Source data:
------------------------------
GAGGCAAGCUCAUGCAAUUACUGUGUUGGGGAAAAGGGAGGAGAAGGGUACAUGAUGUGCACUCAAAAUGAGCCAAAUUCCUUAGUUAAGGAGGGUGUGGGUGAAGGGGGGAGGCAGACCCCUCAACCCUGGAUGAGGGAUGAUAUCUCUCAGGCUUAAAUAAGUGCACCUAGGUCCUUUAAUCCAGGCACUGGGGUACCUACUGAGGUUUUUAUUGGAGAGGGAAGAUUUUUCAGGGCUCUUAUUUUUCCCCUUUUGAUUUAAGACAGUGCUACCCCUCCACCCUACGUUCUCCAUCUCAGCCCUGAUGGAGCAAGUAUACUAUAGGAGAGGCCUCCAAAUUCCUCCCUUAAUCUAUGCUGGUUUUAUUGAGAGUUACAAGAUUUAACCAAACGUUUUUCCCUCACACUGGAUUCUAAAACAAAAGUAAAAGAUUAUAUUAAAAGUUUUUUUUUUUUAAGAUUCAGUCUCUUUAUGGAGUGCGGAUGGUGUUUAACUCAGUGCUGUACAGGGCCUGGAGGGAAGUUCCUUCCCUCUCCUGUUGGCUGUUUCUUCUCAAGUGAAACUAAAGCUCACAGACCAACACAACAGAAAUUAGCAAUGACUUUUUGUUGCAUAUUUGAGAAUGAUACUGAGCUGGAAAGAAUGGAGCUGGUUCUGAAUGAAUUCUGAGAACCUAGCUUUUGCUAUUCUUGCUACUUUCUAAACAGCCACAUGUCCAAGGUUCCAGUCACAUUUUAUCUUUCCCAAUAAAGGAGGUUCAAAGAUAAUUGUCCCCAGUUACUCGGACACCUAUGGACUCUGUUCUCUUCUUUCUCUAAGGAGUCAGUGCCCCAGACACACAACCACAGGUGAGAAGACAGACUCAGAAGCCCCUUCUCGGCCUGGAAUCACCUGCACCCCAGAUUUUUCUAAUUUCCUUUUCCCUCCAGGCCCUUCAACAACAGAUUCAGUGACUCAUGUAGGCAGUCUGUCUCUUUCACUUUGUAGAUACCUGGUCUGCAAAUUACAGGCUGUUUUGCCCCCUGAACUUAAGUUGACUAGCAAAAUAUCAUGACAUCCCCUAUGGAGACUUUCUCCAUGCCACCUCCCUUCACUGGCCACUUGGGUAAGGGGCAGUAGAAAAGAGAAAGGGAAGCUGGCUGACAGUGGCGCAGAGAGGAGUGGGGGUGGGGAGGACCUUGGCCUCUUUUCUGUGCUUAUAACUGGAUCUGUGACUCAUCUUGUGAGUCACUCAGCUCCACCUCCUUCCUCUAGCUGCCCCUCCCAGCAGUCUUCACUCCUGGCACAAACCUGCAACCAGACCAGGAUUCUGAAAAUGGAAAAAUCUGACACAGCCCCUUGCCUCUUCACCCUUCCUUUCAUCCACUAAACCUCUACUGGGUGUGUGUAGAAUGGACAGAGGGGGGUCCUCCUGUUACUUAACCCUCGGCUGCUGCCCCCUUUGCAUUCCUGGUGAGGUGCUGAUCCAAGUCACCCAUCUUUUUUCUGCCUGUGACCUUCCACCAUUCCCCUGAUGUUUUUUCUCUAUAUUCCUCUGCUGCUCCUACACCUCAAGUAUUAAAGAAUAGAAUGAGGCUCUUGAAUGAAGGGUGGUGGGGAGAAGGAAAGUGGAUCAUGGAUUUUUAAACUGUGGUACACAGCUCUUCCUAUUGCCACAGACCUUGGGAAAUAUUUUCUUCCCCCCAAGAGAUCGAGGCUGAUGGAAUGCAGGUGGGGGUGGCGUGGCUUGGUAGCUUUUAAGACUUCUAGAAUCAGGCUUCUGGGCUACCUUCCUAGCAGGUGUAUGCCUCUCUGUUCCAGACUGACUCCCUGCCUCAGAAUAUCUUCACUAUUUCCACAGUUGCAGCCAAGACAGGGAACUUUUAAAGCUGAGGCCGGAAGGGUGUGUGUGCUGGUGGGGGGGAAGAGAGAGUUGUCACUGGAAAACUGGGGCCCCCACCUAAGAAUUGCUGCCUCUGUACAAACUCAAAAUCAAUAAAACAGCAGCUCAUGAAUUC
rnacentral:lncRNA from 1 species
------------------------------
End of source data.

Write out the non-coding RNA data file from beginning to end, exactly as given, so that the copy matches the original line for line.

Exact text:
GAGGCAAGCUCAUGCAAUUACUGUGUUGGGGAAAAGGGAGGAGAAGGGUACAUGAUGUGCACUCAAAAUGAGCCAAAUUCCUUAGUUAAGGAGGGUGUGGGUGAAGGGGGGAGGCAGACCCCUCAACCCUGGAUGAGGGAUGAUAUCUCUCAGGCUUAAAUAAGUGCACCUAGGUCCUUUAAUCCAGGCACUGGGGUACCUACUGAGGUUUUUAUUGGAGAGGGAAGAUUUUUCAGGGCUCUUAUUUUUCCCCUUUUGAUUUAAGACAGUGCUACCCCUCCACCCUACGUUCUCCAUCUCAGCCCUGAUGGAGCAAGUAUACUAUAGGAGAGGCCUCCAAAUUCCUCCCUUAAUCUAUGCUGGUUUUAUUGAGAGUUACAAGAUUUAACCAAACGUUUUUCCCUCACACUGGAUUCUAAAACAAAAGUAAAAGAUUAUAUUAAAAGUUUUUUUUUUUUAAGAUUCAGUCUCUUUAUGGAGUGCGGAUGGUGUUUAACUCAGUGCUGUACAGGGCCUGGAGGGAAGUUCCUUCCCUCUCCUGUUGGCUGUUUCUUCUCAAGUGAAACUAAAGCUCACAGACCAACACAACAGAAAUUAGCAAUGACUUUUUGUUGCAUAUUUGAGAAUGAUACUGAGCUGGAAAGAAUGGAGCUGGUUCUGAAUGAAUUCUGAGAACCUAGCUUUUGCUAUUCUUGCUACUUUCUAAACAGCCACAUGUCCAAGGUUCCAGUCACAUUUUAUCUUUCCCAAUAAAGGAGGUUCAAAGAUAAUUGUCCCCAGUUACUCGGACACCUAUGGACUCUGUUCUCUUCUUUCUCUAAGGAGUCAGUGCCCCAGACACACAACCACAGGUGAGAAGACAGACUCAGAAGCCCCUUCUCGGCCUGGAAUCACCUGCACCCCAGAUUUUUCUAAUUUCCUUUUCCCUCCAGGCCCUUCAACAACAGAUUCAGUGACUCAUGUAGGCAGUCUGUCUCUUUCACUUUGUAGAUACCUGGUCUGCAAAUUACAGGCUGUUUUGCCCCCUGAACUUAAGUUGACUAGCAAAAUAUCAUGACAUCCCCUAUGGAGACUUUCUCCAUGCCACCUCCCUUCACUGGCCACUUGGGUAAGGGGCAGUAGAAAAGAGAAAGGGAAGCUGGCUGACAGUGGCGCAGAGAGGAGUGGGGGUGGGGAGGACCUUGGCCUCUUUUCUGUGCUUAUAACUGGAUCUGUGACUCAUCUUGUGAGUCACUCAGCUCCACCUCCUUCCUCUAGCUGCCCCUCCCAGCAGUCUUCACUCCUGGCACAAACCUGCAACCAGACCAGGAUUCUGAAAAUGGAAAAAUCUGACACAGCCCCUUGCCUCUUCACCCUUCCUUUCAUCCACUAAACCUCUACUGGGUGUGUGUAGAAUGGACAGAGGGGGGUCCUCCUGUUACUUAACCCUCGGCUGCUGCCCCCUUUGCAUUCCUGGUGAGGUGCUGAUCCAAGUCACCCAUCUUUUUUCUGCCUGUGACCUUCCACCAUUCCCCUGAUGUUUUUUCUCUAUAUUCCUCUGCUGCUCCUACACCUCAAGUAUUAAAGAAUAGAAUGAGGCUCUUGAAUGAAGGGUGGUGGGGAGAAGGAAAGUGGAUCAUGGAUUUUUAAACUGUGGUACACAGCUCUUCCUAUUGCCACAGACCUUGGGAAAUAUUUUCUUCCCCCCAAGAGAUCGAGGCUGAUGGAAUGCAGGUGGGGGUGGCGUGGCUUGGUAGCUUUUAAGACUUCUAGAAUCAGGCUUCUGGGCUACCUUCCUAGCAGGUGUAUGCCUCUCUGUUCCAGACUGACUCCCUGCCUCAGAAUAUCUUCACUAUUUCCACAGUUGCAGCCAAGACAGGGAACUUUUAAAGCUGAGGCCGGAAGGGUGUGUGUGCUGGUGGGGGGGAAGAGAGAGUUGUCACUGGAAAACUGGGGCCCCCACCUAAGAAUUGCUGCCUCUGUACAAACUCAAAAUCAAUAAAACAGCAGCUCAUGAAUUC
rnacentral:lncRNA from 1 species